BUS OF THE MONTH: Profibus-DP
Smart Distributed System
A feedback controller is designed to generate an output that causes some corrective effort to be applied to a process so as to drive a measurable process variable towards a desired value known as the setpoint. Shown is a typical feedback control loop with blocks representing the dynamic elements of the system and arrows representing the flow of information, generally in the form of electrical signals. Virtually all feedback controllers determine their output by observing the error between the setpoint and the actual process variable measurement. PID control A proportional-integral-derivative or ‘PID’ controller looks at the current value of the error, the integral of the error over a recent time interval, and the current derivative of the error signal to determine not only how much of a correction to apply, but for how long.
Controllers that juggle multiple process variables are neither simple nor common, but they can handle some of the most complex control problems.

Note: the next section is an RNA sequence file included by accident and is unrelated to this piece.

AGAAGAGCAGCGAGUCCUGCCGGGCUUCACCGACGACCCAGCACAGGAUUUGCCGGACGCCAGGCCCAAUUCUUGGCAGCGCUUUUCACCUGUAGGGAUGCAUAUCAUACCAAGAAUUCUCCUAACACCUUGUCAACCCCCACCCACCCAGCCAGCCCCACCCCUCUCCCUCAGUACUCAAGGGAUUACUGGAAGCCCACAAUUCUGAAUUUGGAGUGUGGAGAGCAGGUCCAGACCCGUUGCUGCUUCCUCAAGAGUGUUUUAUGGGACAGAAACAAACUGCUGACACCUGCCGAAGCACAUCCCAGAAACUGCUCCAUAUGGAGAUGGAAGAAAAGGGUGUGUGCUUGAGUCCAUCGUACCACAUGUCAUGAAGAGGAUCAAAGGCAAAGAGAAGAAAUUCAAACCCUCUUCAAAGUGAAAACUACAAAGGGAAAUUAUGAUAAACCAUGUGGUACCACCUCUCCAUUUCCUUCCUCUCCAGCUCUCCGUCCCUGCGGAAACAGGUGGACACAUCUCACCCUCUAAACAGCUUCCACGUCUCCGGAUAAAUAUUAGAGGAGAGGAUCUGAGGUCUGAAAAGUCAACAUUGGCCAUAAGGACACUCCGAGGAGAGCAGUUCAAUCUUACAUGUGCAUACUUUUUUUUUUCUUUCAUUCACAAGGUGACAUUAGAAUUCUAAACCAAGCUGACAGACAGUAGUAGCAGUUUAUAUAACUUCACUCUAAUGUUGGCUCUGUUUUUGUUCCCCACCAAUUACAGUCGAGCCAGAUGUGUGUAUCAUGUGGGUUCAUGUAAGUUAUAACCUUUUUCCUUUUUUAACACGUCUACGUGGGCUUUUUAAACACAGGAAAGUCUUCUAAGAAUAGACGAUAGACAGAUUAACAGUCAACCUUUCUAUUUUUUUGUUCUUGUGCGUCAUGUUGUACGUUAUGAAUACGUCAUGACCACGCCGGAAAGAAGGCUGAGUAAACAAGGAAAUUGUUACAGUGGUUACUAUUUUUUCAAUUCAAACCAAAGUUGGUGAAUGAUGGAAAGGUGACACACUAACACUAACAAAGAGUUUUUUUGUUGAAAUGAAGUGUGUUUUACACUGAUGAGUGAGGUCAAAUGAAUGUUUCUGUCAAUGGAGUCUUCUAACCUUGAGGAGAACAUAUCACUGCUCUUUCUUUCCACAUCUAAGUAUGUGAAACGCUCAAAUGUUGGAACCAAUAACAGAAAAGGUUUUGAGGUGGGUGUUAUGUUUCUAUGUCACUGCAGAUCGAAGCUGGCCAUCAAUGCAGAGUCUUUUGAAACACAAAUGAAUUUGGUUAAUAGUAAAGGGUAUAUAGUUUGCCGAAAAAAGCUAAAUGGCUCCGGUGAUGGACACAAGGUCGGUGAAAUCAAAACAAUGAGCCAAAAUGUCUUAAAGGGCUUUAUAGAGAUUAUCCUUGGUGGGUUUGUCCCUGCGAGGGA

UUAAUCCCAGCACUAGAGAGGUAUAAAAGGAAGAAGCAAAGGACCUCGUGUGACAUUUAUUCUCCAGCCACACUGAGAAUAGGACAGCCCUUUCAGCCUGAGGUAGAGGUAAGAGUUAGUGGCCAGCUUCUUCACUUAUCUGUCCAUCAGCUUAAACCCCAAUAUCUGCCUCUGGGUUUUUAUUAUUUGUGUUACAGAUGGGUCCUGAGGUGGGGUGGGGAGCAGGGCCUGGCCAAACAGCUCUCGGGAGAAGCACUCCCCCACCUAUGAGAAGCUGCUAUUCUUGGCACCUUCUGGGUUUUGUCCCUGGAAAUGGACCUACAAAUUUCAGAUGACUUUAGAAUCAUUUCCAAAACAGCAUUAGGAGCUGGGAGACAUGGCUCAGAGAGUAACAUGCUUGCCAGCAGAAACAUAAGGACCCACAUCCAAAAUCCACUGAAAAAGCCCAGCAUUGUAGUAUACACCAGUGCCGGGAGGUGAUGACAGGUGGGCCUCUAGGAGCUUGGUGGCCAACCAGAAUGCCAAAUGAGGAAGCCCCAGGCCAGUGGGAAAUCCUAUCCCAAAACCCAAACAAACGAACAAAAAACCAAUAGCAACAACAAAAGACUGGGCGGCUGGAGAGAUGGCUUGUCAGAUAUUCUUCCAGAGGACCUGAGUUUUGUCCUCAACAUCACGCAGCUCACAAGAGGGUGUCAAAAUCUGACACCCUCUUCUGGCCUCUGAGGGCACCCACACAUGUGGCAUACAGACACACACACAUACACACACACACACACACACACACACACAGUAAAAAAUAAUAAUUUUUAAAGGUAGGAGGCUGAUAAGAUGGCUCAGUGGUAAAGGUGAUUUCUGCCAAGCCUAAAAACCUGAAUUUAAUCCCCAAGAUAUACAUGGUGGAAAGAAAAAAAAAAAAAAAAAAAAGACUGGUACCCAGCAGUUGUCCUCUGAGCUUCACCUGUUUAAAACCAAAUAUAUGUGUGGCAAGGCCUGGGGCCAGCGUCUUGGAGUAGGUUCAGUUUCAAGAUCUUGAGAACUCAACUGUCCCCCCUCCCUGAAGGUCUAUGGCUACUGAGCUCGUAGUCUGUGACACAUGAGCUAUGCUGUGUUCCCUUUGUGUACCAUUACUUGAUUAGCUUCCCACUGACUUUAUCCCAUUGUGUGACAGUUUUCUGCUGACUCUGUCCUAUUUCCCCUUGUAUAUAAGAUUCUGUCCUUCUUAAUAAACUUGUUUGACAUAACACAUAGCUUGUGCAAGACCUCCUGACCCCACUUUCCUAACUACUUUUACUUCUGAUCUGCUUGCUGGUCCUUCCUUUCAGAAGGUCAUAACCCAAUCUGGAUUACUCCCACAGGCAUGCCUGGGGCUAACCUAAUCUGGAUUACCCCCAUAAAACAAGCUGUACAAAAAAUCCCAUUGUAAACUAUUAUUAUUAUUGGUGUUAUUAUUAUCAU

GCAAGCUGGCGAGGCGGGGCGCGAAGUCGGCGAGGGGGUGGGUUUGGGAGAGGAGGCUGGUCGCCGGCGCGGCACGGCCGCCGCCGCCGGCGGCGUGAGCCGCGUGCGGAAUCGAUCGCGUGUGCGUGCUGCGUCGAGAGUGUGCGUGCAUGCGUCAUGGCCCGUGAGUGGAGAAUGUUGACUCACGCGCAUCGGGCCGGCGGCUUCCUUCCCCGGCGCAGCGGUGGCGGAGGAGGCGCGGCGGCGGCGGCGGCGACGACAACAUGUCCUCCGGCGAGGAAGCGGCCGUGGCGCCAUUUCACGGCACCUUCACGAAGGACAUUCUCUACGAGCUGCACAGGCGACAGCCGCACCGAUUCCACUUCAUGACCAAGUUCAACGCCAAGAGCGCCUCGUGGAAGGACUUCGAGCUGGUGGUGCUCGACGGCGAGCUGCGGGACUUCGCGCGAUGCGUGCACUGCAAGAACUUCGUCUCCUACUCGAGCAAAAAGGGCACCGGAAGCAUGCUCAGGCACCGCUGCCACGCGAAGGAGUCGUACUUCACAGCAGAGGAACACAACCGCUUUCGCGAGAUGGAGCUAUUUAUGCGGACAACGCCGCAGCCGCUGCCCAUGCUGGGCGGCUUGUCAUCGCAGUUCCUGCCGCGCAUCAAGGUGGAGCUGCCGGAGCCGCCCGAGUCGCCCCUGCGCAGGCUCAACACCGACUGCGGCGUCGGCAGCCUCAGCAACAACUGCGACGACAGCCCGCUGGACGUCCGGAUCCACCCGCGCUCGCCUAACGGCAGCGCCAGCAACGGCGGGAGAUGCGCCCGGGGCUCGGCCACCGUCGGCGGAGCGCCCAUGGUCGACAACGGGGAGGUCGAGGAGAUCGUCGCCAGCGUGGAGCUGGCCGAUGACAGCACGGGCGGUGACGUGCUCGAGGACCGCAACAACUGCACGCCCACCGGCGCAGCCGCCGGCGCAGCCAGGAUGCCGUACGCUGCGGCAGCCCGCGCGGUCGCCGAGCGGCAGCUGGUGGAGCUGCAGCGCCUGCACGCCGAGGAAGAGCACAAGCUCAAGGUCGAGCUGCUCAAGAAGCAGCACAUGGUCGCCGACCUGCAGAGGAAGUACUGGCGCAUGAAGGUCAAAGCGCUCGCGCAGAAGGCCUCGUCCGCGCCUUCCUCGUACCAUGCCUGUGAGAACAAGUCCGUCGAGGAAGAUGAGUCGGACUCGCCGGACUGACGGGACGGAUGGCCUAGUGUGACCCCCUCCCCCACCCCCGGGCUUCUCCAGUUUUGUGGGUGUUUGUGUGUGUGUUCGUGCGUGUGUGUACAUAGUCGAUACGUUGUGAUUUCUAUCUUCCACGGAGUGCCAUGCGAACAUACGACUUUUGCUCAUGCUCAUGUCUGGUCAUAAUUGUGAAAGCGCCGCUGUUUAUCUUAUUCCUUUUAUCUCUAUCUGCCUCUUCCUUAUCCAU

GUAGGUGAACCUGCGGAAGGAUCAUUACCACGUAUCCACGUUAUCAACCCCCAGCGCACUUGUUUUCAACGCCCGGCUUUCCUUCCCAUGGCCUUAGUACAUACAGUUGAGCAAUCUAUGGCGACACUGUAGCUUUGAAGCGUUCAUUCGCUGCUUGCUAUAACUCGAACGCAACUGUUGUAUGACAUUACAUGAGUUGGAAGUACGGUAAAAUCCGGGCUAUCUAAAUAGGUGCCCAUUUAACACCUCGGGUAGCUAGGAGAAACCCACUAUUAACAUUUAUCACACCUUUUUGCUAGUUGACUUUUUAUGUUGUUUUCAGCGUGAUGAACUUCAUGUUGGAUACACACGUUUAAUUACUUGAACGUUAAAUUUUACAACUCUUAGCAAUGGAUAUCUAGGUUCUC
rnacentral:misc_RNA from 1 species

Control Engineering classic: In this article, the consequences of performing feedback control with sampled rather than continuous data are examined.
Arguably the trickiest problem to overcome with a feedback controller is process deadtime -- the delay between the application of a control effort and its first effect on the process variable. During that interval, the process does not respond to the controller's activity at all, and any attempt to manipulate the process variable before the deadtime has elapsed inevitably fails. This classic article is among the most-read on the Control Engineering site. (See diagrams.)
Driven by manufacturing's desire to connect the factory floor with the rest of the enterprise, web-enabled PLCs and Ethernet are giving users new ways to view and control factory data using embedded web servers. When selecting a web-enabled automation device, users can choose from three distinct system architectures.
Chicago, Ill.—Wherever two or more gathered during National Manufacturing Week 2001, March 5-8, their discussion involved patents. As reported in Control Engineering, Feb. '01, p. 32, Schneider Electric Automation (North Andover, Mass.) followed news about its minority investment in Entivity by announcing an open auction on the web for its patent, "Device for Communicating Real-time Dat...
Chicago, Ill.— Hundreds of exhibitors showed thousands of innovative products and services at the National Industrial Automation Show during National Manufacturing Week 2001 at McCormick Place. For more coverage, including streaming video clips, click on "NMW 2001" at www.controleng.com. Advantech Automation (Cincinnati, O.